Dave Bittner: [00:00:00] Hey, everybody. It's Dave. You may have noticed that on our website, thecyberwire.com, we have picked up the pace when it comes to publishing transcripts of our shows. We want to thank our Patreon subscribers who help fund our transcription efforts to make the CyberWire an even more useful source of cybersecurity news and information. Do check it out. It's thecyberwire.com.
Dave Bittner: [00:00:25] Leadership changes at the U.S. Department of Homeland Security; a look at credential stuffing; cryptojacking disrupts production at an optical equipment manufacturer. The British government moves toward establishing a duty of care that would impose new legal responsibilities on search engines, social media and others. Tax season scams grow more plausible, and some of them are aimed at rounding up money mules.
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Dave Bittner: [00:01:53] From the CyberWire studios at DataTribe, I'm Dave Bittner with your CyberWire summary for Monday, April 8, 2019. U.S. Secretary of Homeland Security Kirstjen Nielsen resigned yesterday. It's unclear who her successor will be. Her resignation letter said she had, quote, "determined it was the right time to step aside" and then cited her hope that her successor "will have the support of Congress and the courts in fixing the laws which have impeded our ability to fully secure America's borders and which have contributed to discord in our nation's discourse," end quote. The former secretary had been regarded as one of the administration's most senior officials with significant cybersecurity experience. And the Department of Homeland Security has, of course, become the government's lead civilian agency involved in the protection of cyberspace. It's thought likely there will be other changes in the Department of Homeland Security. Reports this afternoon indicated that the director of the Secret Service will also be departing.
Dave Bittner: [00:02:56] Security firm Akamai has released a study of credential-stuffing attacks. This easily scaled commodity form of attack especially affects media outlets, gaming companies and the entertainment sector. Looking back at 2018, Akamai says it observed hundreds of millions of credential-stuffing attacks every day. The barriers to entry are low, and there are even YouTube videos, Akamai notes, that offer how-to instructions for criminals wishing to enter the field.
Dave Bittner: [00:03:26] As an attack on optical equipment manufacturer Hoya shows, cryptojacking can disrupt production. The incident began at the beginning of March, when employee network credentials were compromised. The goal of the compromise was to enable the attackers to install coin-mining software in Hoya systems. They did so, noticeably slowing performance of some of the company's servers. The slowdown is said to have affected the ability to take orders and manage production at Hoya plants in Thailand.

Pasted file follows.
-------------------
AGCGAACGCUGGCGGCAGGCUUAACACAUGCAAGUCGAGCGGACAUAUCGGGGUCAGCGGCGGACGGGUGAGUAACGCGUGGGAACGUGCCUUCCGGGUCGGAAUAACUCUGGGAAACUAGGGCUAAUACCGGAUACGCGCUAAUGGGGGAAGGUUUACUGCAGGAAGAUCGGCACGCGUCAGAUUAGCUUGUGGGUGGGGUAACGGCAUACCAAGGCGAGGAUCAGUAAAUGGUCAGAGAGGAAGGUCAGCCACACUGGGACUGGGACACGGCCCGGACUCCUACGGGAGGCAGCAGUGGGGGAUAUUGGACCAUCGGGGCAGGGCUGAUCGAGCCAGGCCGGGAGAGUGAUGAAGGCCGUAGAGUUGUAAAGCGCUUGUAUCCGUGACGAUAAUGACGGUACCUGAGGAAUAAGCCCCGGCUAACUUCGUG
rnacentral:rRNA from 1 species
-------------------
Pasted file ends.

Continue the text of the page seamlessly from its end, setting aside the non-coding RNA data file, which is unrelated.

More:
Dave Bittner: [00:03:57] British ministers are introducing strict controls over online content. The Telegraph calls it a victory for the duty of care the paper has been calling for. The government says the proposed law's goal is the protection of children and other vulnerable people. The white paper the two responsible ministers issued explicitly cites the recent attack on a New Zealand mosque as an example of the kind of online virulence the regulations would help curb. The white paper would have Her Majesty’s government establish a statutory duty of care that would require companies to take more responsibility for the safety of their users and tackle harm caused by content or activity on their services. A regulator would be empowered to develop codes of practice that would inform compliance with the duty of care.
Dave Bittner: [00:04:45] And who would be legally responsible for this? The proposed statute would apply to companies that allow users to share or discover user-generated content or interact with each other online. That covers, as the authors acknowledge, a lot of ground - file-hosting sites, public discussion fora, messaging services, social media platforms and, of course, search engines. The white paper announces the government's commitment to an internet that's free, open and secure and to freedom of expression online. It aspires to an internet where companies keep their users safe and uncontaminated by criminal, terrorist and hostile foreign state activity. And it wants rules and norms for the internet that discourage harmful behavior. Achieving those together, as several commenters have observed, may be challenging.